The Building Futures (Falkirk) group

Building Sustainable Futures

Dilanee Bunter :: Saturday 19th September 2009 :: This Story

Building Futures Falkirk and Ocean Stars
Learners with a consignment of textiles to be recycled through ACE Limited

The Building Futures (Falkirk) group in the Department of Access and Progression have learnt about sustainable practice while undertaking their Citizenship Project. After looking at local and community issues as part of this project, their efforts took a global turn when lecturer Maggi Baird told them about the Ocean Stars Trust, which was set up in the wake of the Indian Ocean tsunami of 2005.

This trust is currently focusing on some 50 projects aimed at supporting children in Sri Lanka who where orphaned as a result of the tsunami. It is now working on setting up FE opportunities for boys (who were otherwise often recruited into the Tami Tigers) and there is an ongoing need for sponsorship. The Building Futures learners felt inspired to support the Ocean Stars Trust so they made a visit to Alloa-based recycling charity ACE (Alloa Community Enterprises) Limited to find out about fundraising opportunities.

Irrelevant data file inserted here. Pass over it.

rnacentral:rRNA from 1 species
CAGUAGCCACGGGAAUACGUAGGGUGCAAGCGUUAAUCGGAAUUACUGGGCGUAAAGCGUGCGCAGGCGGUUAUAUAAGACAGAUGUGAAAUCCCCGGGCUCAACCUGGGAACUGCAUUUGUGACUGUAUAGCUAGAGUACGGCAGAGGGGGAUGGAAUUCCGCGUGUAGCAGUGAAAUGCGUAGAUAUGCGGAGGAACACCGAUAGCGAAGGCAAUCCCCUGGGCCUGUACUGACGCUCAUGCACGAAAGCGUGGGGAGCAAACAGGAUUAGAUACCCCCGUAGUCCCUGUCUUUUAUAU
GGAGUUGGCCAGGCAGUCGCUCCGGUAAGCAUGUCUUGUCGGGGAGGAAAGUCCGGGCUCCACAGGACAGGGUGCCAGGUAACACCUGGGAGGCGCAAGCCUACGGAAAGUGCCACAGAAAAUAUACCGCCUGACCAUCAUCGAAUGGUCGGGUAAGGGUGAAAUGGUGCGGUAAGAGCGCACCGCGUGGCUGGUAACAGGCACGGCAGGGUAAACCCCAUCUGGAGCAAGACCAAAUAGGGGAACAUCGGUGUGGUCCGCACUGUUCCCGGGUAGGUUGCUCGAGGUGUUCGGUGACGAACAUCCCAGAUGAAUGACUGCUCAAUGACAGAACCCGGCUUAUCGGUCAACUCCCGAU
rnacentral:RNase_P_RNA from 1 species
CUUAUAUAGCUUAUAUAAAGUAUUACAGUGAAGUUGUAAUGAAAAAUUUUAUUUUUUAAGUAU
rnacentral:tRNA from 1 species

The charity ACE operated profitable waste management businesses that provide employment, improve employability, increase environmental awareness and return profits to support the social needs of communities in which the operate.

The Scottish Government is committed to sustainable development the goal of which it defines as to enable all people throughout the world to satisfy their basic needs and enjoy a better quality of life without compromising the quality of life of future generations.

The citizenship project is an excellent example of how sustainable development can be wholly integrated into a learning programme and how a citizenship project can incorporate the three key strands of sustainable development social, economic and ecological on local and global levels.

Benefits

The learners really enjoyed their visit to the recycling plant and took delight in seeing what happens to their milk bottles and old newspapers. More importantly, they learned that by collecting textiles for recycling, the can earn 20p per kilo.

They have also been given an invaluable insight into how recycling does more than just protect the environment. In this case the reusable textiles are packaged up and sent off to areas of need in African countries and the money raised can be used as sponsorship of the Sri Lankan charity Ocean Stars Trust.

Article from Going Forth magazine from Forth Valley College.